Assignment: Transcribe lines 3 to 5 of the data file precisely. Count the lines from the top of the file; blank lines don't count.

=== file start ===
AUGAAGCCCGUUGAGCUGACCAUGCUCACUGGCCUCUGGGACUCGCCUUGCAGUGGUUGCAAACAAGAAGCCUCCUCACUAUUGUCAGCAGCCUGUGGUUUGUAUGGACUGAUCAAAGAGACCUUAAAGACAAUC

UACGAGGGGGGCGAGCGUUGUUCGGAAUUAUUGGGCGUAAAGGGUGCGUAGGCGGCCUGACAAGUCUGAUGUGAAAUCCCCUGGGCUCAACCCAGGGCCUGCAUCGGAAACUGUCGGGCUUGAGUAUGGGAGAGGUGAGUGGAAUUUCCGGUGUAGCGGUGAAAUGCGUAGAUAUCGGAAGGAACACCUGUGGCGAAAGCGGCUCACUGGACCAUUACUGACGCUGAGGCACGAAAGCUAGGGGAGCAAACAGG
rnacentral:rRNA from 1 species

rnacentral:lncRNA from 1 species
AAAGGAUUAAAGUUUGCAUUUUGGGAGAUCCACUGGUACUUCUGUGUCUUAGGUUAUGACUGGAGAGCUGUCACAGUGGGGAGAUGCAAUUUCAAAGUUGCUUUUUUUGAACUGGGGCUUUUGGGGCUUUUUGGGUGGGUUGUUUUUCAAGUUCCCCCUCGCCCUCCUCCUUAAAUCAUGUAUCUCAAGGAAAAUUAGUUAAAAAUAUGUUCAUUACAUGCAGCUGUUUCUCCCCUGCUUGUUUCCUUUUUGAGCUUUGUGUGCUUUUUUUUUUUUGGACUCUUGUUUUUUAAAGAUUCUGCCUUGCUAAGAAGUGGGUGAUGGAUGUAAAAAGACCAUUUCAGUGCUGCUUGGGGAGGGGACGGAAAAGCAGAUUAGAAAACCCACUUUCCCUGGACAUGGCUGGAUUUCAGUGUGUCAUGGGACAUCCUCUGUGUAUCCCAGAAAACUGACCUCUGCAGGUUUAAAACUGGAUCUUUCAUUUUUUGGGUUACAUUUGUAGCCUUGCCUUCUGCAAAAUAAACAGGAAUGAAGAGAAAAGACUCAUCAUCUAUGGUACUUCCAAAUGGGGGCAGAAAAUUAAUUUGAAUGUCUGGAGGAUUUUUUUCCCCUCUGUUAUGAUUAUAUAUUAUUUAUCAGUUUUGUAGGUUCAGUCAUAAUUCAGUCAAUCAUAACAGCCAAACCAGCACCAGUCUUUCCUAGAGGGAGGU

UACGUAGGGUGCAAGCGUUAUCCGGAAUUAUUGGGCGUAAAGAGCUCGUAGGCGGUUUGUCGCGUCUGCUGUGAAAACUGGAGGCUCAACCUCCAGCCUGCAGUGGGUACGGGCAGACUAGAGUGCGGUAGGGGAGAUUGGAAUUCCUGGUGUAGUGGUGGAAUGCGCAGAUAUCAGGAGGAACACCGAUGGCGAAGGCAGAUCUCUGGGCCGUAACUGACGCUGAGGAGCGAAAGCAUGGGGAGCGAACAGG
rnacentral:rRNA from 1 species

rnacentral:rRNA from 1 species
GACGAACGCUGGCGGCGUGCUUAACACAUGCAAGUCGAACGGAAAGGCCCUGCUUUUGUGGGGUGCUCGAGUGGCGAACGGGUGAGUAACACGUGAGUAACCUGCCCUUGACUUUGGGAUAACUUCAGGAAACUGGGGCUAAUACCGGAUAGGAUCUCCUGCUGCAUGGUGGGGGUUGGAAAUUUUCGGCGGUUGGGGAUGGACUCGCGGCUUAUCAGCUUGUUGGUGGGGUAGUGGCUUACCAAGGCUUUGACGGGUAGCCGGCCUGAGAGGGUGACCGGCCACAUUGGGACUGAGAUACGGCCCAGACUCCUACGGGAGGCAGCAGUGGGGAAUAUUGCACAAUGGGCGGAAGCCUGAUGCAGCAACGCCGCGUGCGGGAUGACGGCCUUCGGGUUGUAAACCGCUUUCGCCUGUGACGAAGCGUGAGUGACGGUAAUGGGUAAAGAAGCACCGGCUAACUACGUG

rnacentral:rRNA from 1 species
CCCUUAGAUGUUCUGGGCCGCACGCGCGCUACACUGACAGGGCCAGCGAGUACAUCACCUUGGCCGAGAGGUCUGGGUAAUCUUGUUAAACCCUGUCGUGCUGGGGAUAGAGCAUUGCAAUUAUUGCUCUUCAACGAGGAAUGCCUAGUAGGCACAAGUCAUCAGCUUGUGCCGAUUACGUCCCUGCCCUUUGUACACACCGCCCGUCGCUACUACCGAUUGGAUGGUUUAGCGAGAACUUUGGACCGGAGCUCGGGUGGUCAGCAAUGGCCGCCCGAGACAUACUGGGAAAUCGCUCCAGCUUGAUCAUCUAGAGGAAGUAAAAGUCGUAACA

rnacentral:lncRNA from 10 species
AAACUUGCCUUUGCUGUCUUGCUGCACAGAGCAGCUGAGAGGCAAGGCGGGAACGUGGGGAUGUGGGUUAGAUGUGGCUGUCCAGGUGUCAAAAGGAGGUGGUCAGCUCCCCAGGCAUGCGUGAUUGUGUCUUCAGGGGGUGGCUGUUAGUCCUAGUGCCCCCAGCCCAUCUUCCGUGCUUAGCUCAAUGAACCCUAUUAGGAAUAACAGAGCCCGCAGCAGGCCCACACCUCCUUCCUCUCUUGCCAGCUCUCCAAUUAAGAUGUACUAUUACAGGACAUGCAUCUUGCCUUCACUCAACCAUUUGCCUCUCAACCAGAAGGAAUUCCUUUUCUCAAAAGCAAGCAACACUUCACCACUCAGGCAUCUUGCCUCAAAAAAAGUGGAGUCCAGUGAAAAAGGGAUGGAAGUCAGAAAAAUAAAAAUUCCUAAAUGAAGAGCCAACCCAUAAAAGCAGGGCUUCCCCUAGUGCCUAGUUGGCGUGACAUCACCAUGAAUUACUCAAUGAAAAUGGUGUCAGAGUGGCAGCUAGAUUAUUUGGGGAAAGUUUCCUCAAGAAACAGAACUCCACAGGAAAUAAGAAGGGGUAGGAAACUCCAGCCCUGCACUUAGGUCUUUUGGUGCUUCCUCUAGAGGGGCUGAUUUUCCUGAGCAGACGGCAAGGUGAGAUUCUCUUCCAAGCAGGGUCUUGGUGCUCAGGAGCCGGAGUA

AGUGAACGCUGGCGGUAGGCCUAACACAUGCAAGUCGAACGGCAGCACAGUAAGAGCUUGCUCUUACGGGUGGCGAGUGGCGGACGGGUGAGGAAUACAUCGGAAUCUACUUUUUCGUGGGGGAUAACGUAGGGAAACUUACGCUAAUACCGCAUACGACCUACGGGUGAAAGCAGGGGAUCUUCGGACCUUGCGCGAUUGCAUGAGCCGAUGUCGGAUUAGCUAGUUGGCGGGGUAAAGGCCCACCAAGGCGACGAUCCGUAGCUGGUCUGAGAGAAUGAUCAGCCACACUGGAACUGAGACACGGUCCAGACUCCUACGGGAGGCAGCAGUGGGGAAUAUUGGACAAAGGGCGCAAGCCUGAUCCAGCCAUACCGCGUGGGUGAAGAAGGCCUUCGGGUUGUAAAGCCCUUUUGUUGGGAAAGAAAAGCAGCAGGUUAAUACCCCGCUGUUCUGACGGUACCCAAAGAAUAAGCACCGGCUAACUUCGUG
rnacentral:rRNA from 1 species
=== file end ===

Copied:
rnacentral:rRNA from 1 species

rnacentral:lncRNA from 1 species
AAAGGAUUAAAGUUUGCAUUUUGGGAGAUCCACUGGUACUUCUGUGUCUUAGGUUAUGACUGGAGAGCUGUCACAGUGGGGAGAUGCAAUUUCAAAGUUGCUUUUUUUGAACUGGGGCUUUUGGGGCUUUUUGGGUGGGUUGUUUUUCAAGUUCCCCCUCGCCCUCCUCCUUAAAUCAUGUAUCUCAAGGAAAAUUAGUUAAAAAUAUGUUCAUUACAUGCAGCUGUUUCUCCCCUGCUUGUUUCCUUUUUGAGCUUUGUGUGCUUUUUUUUUUUUGGACUCUUGUUUUUUAAAGAUUCUGCCUUGCUAAGAAGUGGGUGAUGGAUGUAAAAAGACCAUUUCAGUGCUGCUUGGGGAGGGGACGGAAAAGCAGAUUAGAAAACCCACUUUCCCUGGACAUGGCUGGAUUUCAGUGUGUCAUGGGACAUCCUCUGUGUAUCCCAGAAAACUGACCUCUGCAGGUUUAAAACUGGAUCUUUCAUUUUUUGGGUUACAUUUGUAGCCUUGCCUUCUGCAAAAUAAACAGGAAUGAAGAGAAAAGACUCAUCAUCUAUGGUACUUCCAAAUGGGGGCAGAAAAUUAAUUUGAAUGUCUGGAGGAUUUUUUUCCCCUCUGUUAUGAUUAUAUAUUAUUUAUCAGUUUUGUAGGUUCAGUCAUAAUUCAGUCAAUCAUAACAGCCAAACCAGCACCAGUCUUUCCUAGAGGGAGGU